Creating connections through the arts and across cultures

Give Sorrow Words

Give sorrow words; the grief that does not speak,
Whispers the o'er-fraught heart and bids it break.

(Shakespeare, Macbeth, 5.1.50-1)

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  1. I loved the quote you use for this thought. My current book is about unwitnessed grief. I said that grief has many siblings -- guilt, anger, separation among others but of course, Shakespeare says it best.
    Your course sounds wonderful. I've suggested the "I remember" exercise and also the "I don't remember" exercise that Natalie Goldberg uses in her Writing the Bones workshop. But your expansion of it to include differing points of view and to make it a way for people to express ranges of sorrow is truly inspired. Thank you for telling us about it on the Women writing the West website and for having this site and blog. You are appreciated! Warmly, Jane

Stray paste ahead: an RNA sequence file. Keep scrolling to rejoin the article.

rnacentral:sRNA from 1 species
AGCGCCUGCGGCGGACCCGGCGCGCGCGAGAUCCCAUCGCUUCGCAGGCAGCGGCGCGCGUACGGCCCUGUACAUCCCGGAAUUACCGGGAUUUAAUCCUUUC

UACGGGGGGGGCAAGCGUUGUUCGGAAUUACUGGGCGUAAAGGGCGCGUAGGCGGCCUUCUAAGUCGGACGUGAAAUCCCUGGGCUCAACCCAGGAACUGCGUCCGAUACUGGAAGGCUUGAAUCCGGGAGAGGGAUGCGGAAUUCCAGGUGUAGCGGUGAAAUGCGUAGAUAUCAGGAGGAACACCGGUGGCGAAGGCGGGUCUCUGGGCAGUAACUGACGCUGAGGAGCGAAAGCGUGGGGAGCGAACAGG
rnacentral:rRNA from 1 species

2. I have articls about grief and a journal called A Year and a Day which I kept after losing my wife. Idaho State Unvieristy is the publisher.

    Michael Corrigan

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